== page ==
Encouraged by the adventures of a mutual friend, Michiel was keen to try air rifle shooting, and when he found out that one of our local clubs offer a one hour taster session, we agreed to go along and have a go at it for an hour.

This was the second place we’d visited – the first was an archery store north of Leicester which we’d gone along to look at how much the equipment would cost for me, and then found out that they also did air rifle equipment, as well as having a range – but I was very very impressed with Kibworth. We walked in and introduced ourselves and despite not telling him, despite my hair being down (and thus covering my hearing aids), the man on reception picked up on my deafness and made sure to talk directly and clearly to me. The Instructor (Richard, lovely chap) was even better – positioning himself so that I could see him clearly, making allowances for my deafness (e.g. for safety, if a whistle is blown, we down guns – I asked him to tap me on the shoulder instead. Not needed, but it was good he was so deaf-aware) and I saw 2 people in wheelchairs so they were very disability friendly. Big plus to them!

The session itself was great fun! In the end we shot for longer than the hour we’d booked, and it absolutely flew by – we were given instruction in how to use the gun, the ones we were shooting were called PCP air rifles which use compressed air to propel the pellet – how to hold them, how to load them, use the sight, and so on. Very clear, very straightforward, then he let us lose on the range, encouraged us to go for a close by target first, then work backwards up the range. Each target was a steel cut out of an animal with a small circle cut out in the “kill” zone, when you fire through the circle, it knocks a piece of steel backwards, which you can then “reload” by hitting your next shot at the reload button at the base of the animal. Here’s a picture:

Normal steel target - the circle in the middle is the kill zone and when primed, the circle has a backplate to it that has to be knocked down by shooting the pellet through the hole.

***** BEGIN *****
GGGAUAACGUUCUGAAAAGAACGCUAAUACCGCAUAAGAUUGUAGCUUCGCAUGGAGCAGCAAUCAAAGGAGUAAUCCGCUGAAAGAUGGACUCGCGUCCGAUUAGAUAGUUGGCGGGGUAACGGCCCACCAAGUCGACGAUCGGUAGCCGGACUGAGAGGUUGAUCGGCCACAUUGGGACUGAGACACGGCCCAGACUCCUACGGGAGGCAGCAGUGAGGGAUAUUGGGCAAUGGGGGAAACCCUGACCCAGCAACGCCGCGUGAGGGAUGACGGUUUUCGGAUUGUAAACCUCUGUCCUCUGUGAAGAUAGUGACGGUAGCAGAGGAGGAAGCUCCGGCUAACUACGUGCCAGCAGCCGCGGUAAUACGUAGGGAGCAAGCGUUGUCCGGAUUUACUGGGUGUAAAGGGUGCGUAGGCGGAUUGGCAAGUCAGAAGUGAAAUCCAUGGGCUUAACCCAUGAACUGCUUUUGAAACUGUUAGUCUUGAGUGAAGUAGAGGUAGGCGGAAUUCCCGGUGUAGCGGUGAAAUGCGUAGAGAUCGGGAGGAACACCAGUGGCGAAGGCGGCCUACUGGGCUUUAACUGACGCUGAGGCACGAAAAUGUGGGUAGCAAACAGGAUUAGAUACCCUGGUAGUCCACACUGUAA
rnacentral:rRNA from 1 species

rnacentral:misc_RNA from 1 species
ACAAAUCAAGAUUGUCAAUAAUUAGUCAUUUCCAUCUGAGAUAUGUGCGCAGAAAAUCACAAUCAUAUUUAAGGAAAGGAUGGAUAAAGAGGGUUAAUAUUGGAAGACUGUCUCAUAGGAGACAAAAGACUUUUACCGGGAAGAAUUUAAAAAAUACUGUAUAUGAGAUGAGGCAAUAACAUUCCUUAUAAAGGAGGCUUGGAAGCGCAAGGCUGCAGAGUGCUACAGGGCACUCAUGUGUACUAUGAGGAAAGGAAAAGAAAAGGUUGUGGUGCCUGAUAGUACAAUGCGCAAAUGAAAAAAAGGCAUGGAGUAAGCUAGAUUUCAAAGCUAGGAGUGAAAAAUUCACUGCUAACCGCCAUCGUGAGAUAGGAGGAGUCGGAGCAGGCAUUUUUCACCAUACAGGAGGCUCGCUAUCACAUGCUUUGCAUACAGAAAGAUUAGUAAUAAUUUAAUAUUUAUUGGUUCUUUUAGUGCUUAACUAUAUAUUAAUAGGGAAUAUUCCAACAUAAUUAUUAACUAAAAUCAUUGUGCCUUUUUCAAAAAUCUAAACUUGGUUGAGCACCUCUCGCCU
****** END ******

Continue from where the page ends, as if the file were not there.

You can see the circles where you have to shoot quite clearly. Once we’d done the nearest target, and reloaded it, we were encouraged to move backwards through the range, as the more distant targets present a different challenge:

The range

I went to the one right at the back and got the shot I wanted – which kind of startled Richard, a bit, I don’t think he expected me to get that one straight away! I then moved forward to a squirrel in the middle of the range with a really tiny circle…. and had a lot of problems with it, it was very challenging. Richard suggested I try one of the other targets instead and I glared at him and told him firmly “oh no, I don’t give up – I’m gonna get that bloomin squirrel if it kills me!”. He laughed, said “that’s me told!” and helped me by using the scope on his rifle to tell me where my pellets were hitting, and then set up a paper target to calibrate, to “zero in” where I was shooting and to adjust the scope:

Zeroing in - see how tight the shots are?

He was pretty impressed by this – good tight shots, all aiming the cross hairs at the scope. the target is around 20cm square, and this was shooting at 25 yards. tight shots is what you aim for – once they’re tight, you can adjust the scope, but if they’re all over, then you’ve got bigger problems. After this procedure he told me to try again at the squirrel, and to my delight, I got the bloomin’ thing!!!

That bloomin' effin' squirrel!

After that, he pulled out two 20cm sheets with 5 small targets on, set them up at 25 yards, and told us to shoot against each other – cue lots of joking about if Michiel wins, he’s walking home! – apparently this is the normal size of targets used for shooting competitively at 25 yards, so. five shots each, one on each little target. Here’s mine:

Competitive Targets

I won’t post Michiel’s (for that, you’ll have to look at his blog) but I can tell you that I scored 35, Michiel scored 28. So he got home safely. LOL. I think Richard was pretty impressed by both our shooting – although Michiel has shot before, I never have, only archery – which of course, has transferrable skills. It has, however, left me with a dilemma – I was going to take up archery again (its a sport I enjoyed a great deal as a teenager, and I was pretty good at it) and leave the shooting to Michiel but I did enjoy myself a great deal this afternoon, so while on the one hand, its good to know I haven’t lost my “eye”, so to speak, on the other, I am now very torn, and I have to decide which sport to take up over the summer. Can’t afford both, as they both involve expensive equipment. GAH…. I hate decisions like this!

Still, it was a thoroughly enjoyable afternoon and I look forward to Michiel, if not me, spending many happy hours at Kibworth!